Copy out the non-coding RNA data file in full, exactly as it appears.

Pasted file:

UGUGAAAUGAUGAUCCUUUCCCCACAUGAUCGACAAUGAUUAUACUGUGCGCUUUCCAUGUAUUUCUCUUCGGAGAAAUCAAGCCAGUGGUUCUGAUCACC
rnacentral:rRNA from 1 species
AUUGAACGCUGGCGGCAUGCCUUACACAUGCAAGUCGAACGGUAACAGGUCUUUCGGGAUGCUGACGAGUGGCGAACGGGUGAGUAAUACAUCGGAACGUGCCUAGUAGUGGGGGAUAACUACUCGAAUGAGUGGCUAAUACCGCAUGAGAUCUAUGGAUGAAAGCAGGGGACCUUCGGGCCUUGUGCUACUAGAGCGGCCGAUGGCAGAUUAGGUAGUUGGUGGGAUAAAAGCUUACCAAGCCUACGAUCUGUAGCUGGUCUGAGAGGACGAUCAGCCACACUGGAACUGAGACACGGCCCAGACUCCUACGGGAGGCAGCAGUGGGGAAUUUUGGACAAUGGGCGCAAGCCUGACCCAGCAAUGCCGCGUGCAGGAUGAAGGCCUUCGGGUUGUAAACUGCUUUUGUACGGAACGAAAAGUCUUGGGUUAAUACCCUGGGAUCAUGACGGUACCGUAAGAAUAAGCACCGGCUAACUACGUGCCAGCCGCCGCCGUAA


UGUGAAAUGAUGAUCCUUUCCCCACAUGAUCGACAAUGAUUAUACUGUGCGCUUUCCAUGUAUUUCUCUUCGGAGAAAUCAAGCCAGUGGUUCUGAUCACC
rnacentral:rRNA from 1 species
AUUGAACGCUGGCGGCAUGCCUUACACAUGCAAGUCGAACGGUAACAGGUCUUUCGGGAUGCUGACGAGUGGCGAACGGGUGAGUAAUACAUCGGAACGUGCCUAGUAGUGGGGGAUAACUACUCGAAUGAGUGGCUAAUACCGCAUGAGAUCUAUGGAUGAAAGCAGGGGACCUUCGGGCCUUGUGCUACUAGAGCGGCCGAUGGCAGAUUAGGUAGUUGGUGGGAUAAAAGCUUACCAAGCCUACGAUCUGUAGCUGGUCUGAGAGGACGAUCAGCCACACUGGAACUGAGACACGGCCCAGACUCCUACGGGAGGCAGCAGUGGGGAAUUUUGGACAAUGGGCGCAAGCCUGACCCAGCAAUGCCGCGUGCAGGAUGAAGGCCUUCGGGUUGUAAACUGCUUUUGUACGGAACGAAAAGUCUUGGGUUAAUACCCUGGGAUCAUGACGGUACCGUAAGAAUAAGCACCGGCUAACUACGUGCCAGCCGCCGCCGUAA